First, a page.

Treatment Processes of Myofascial Release Therapy

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Myofascial release therapy is a very effective modality that can help you with different kinds of muscular pain. The treatment focuses on relieving the stress in the fascia. This fascia is a three-dimensional network of fibers that cushion movement and keep your internal organs protected. Any knots and stress caused by injuries or bad posture can get communicated to the different sections of your body. As a result, you feel pain, discomfort, and difficulty in movement.

Choosing the Right Myofascial Release Therapist

If you’re considering getting myofascial release therapy, you’ll need to contact the health professionals that have formally trained in giving you the treatment. Specialists trained in sports medicine or sports injuries, massage therapists, occupational or physical therapists, chiropractors, and osteopathic physicians may acquire the necessary certification needed to perform the treatment on you. These providers also need to get continuing education credits to maintain their certification. They are trained in locating the precise trigger points or locations where the fascia is strained. By working on these points, the therapists can help release stress and alleviate pain.

How the Treatment Progresses

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Doctors conduct myofascial release therapy just as they would conduct physical therapy for rehabilitation after a surgical procedure. Here’s everything you need to know about the treatment.

  • During the first session, the therapist may ask you questions about the specific medical issue for which you need treatment. She may also examine you and use gentle palpitating motions to locate the specific fascia that is causing you pain, loss of symmetry, and restricted movement.
  • Each session of myofascial release therapy takes anywhere from 30 to 50 minutes to complete.
  • Depending on your medical problem, the therapist may recommend that you come in for subsequent sessions every day or at regular intervals.
  • Typically, myofascial release therapy is given in a medical care facility or outpatient clinic. Your therapist will choose a quiet, private room where you are not disturbed. You will be asked to wear loose comfortable clothes such as shorts and t-shirts.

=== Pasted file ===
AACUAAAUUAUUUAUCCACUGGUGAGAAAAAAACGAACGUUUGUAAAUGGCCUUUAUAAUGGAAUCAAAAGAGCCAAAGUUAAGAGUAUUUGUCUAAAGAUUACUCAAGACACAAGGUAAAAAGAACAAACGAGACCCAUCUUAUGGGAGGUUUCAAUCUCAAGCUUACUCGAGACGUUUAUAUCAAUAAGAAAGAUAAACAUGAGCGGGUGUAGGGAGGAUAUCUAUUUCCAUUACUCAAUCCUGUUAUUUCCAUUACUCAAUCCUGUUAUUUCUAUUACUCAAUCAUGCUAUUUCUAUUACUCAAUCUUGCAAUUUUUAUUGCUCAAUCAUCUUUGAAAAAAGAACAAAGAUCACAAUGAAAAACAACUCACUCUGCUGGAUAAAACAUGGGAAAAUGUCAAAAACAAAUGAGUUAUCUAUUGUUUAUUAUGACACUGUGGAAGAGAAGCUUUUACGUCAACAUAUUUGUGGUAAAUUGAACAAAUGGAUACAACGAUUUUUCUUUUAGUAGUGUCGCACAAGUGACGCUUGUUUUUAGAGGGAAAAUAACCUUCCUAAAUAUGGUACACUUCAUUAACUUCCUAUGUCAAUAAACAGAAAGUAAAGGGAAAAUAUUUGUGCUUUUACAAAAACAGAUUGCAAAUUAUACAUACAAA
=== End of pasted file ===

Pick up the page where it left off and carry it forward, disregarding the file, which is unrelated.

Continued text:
• The treatment is a hands-on modality that is given without the use of creams and oils or any special equipment. Having identified the trigger points, the therapist applies and maintains the precise amount of pressure that can help release the tension in the fascia. He uses his fingers, knuckles, heels and palms of the hand to manipulate the muscles, working on a single section at a time. If needed, he may also use low load stretching exercises to help you.
  • You will likely feel a completely relaxed sensation and the pain starts to ease right after the session is completed. There is no downtime involved and you can go back to your regular activities right afterward.
  • The length of the treatment depends on the seriousness of your issue. Your therapist evaluates the effectiveness of the treatment according to the better range of motion you have and the lowered levels of pain you feel.

Therapies Given in Conjunction to Myofascial Release Therapy

Myofascial release therapy is a non-invasive method to help you with the pain and stiffness you feel in the muscles. Your specialist might recommend that you get the treatment to help with the other modalities you might be taking. Here are some of the typical treatments that myofascial release therapy can complement.

  • Your doctor will suggest that you apply ice to reduce the swelling in the affected areas or apply heat packs to help loosen constricted muscles.
  • You might be asked to take common pain medication such as ibuprofen and acetaminophen.
  • After the myofascial release session, your therapist might show you how to do simple stretching exercises to keep your muscles flexible and help increase the range of motion. Aerobic exercises can help promote blood circulation in the muscles for better healing.